Seasons, New York-based kosher market, planned for Pikesville
5/15/15 Pikesville, Md. A New York-based kosher supermarket chain, Seasons, plans to open a store later this year in a former Office Depot in Pikesville. Photo by Lorraine Mirabella/Baltimore Sun (Lorraine Mirabella / Baltimore Sun)
May 18, 2015
Seasons, a small New York-based kosher supermarket chain, plans to expand to Maryland, with a grocery store slated to open in Pikesville as early as the end of the year.
The upscale specialty grocer plans to move into a former Office Depot on Reisterstown Road, just inside the Beltway. The interior of the more than 10,000-square-foot store has been gutted.
The retailer, which has four locations in and around New York City, is expected to open the store by the end of the year or in early 2016, owner Mayer Gold told online food industry publication Kosher Today. Gold did not return calls seeking comment.
The chain would join Seven Mile Market as one of the area's only full-service grocery stores certified as kosher, meeting a growing demand from both Jewish and non-Jewish shoppers, experts said. The stores offer delivery and catering and a range of gourmet and mainstream products in bakery, butcher, produce, seafood, sushi, takeout and floral departments.
"I think the market for it is huge," said Jeremy Diamond, a director of Diamond Marketing Group and an industry consultant.
The chain, which opened its first store four years ago, is comparable to The Fresh Market in appearance and offerings, and "will pull from kosher clientele and the Jewish neighborhoods and from non-Jewish" consumers, Diamond said. "Seasons is a gourmet supermarket that happens to be kosher."
A growing demand for kosher products has long been met by small mom-and-pop markets and, recently, by conventional grocers and discounters such as Target adding kosher sections, said Menachem Lubinsky, editor of Kosher Today.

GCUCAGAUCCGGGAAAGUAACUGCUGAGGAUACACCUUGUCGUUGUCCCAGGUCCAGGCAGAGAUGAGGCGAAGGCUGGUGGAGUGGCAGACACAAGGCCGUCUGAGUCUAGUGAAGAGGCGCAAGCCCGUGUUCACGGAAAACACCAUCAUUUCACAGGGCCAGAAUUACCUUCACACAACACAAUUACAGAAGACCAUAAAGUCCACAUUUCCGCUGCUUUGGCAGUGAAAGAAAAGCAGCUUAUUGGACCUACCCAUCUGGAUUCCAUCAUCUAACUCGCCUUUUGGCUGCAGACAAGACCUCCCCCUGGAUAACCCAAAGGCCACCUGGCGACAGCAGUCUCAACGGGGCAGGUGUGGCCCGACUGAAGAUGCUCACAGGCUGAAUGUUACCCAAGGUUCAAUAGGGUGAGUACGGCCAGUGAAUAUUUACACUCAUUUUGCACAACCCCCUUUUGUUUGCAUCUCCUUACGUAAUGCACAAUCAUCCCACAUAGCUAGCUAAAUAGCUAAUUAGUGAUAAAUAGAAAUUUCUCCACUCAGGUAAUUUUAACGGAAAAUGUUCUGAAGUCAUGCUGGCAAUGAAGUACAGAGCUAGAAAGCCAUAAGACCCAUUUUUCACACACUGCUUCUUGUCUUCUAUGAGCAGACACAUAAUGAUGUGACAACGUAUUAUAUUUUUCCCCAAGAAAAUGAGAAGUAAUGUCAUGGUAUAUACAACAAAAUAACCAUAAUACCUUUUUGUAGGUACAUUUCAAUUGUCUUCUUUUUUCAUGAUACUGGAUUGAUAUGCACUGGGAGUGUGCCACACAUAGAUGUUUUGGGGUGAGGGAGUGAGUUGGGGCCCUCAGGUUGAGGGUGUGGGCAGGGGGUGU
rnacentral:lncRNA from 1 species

But another trend has emerged as larger, full-service kosher supermarkets have been expanding around the country, he said. That growth has been driven by increases in numbers of kosher consumers and spending on kosher meals, Lubinsky said.
"They are loyal customers, and it's become important to give them a one-stop shopping experience," Lubinsky said. "It's a recognition of the growth and demographics, not only by the Orthodox, but all Jews, as well as a huge crossover market of non-Jews and other religions that can't eat pork."
More than 108,000 people in the Baltimore area live in Jewish households, or households with at least one Jewish adult, according to a 2010 community study by The Associated: Jewish Community Federation of Baltimore. The study, which found an 8 percent increase in Jewish households over a decade, showed that three quarters of the region's Jews live in Pikesville, Park Heights, Owings Mills, Reisterstown and Mount Washington.
Besides Baltimore, Seasons is expanding into New Jersey's Lakewood community, Lubinsky said.
Seasons is among a number of independent kosher supermarket chains that are opening new stores and positioning themselves as upscale, he said.
"The demand is there," Lubinsky said. "It may be at the expense of the older stores in the market a long time. The pie may be cut up a little differently, but from what I'm seeing, they've been very successful."
The kosher food industry represents a $13 billion piece of the overall grocery industry, Diamond said.
And "most kosher food buyers are not Jewish, surprisingly," he said.
Much of the demand is driven by consumers on vegetarian or other restrictive diets or those looking for healthier options, he said.
"People think that kosher food is healthier for a lot of reasons," Diamond said. "The food is certified and checked and sanitized multiple times during the manufacturing process."
Seven Mile, also on Reisterstown Road in Pikesville, operates one of the country's biggest kosher supermarkets. The store expanded in 2010 to its current location, a former Safeway, from a smaller spot on Seven Mile Lane.
Hershel Boehm, owner of Seven Mile, had no comment on the potential impact of Seasons opening.
But his store's "business is good," he said. "We're happy where we are and try our best."
Cheryl Mordfin, who lives near the Seven Mile supermarket, said she shops once or twice a week at the store for meat, fish, and other groceries, including products from Israel.
"It's one-stop shopping, and it's very convenient," Mordfin said.
But she and other shoppers said they were eagerly anticipating having another kosher grocer in the area. Mordfin said she would expect to shop at both stores once Seasons opens.
"I'm interested to see what will be there," Mordfin said. "If it's good food and a variety, than I think it will be very busy. Competition is always good."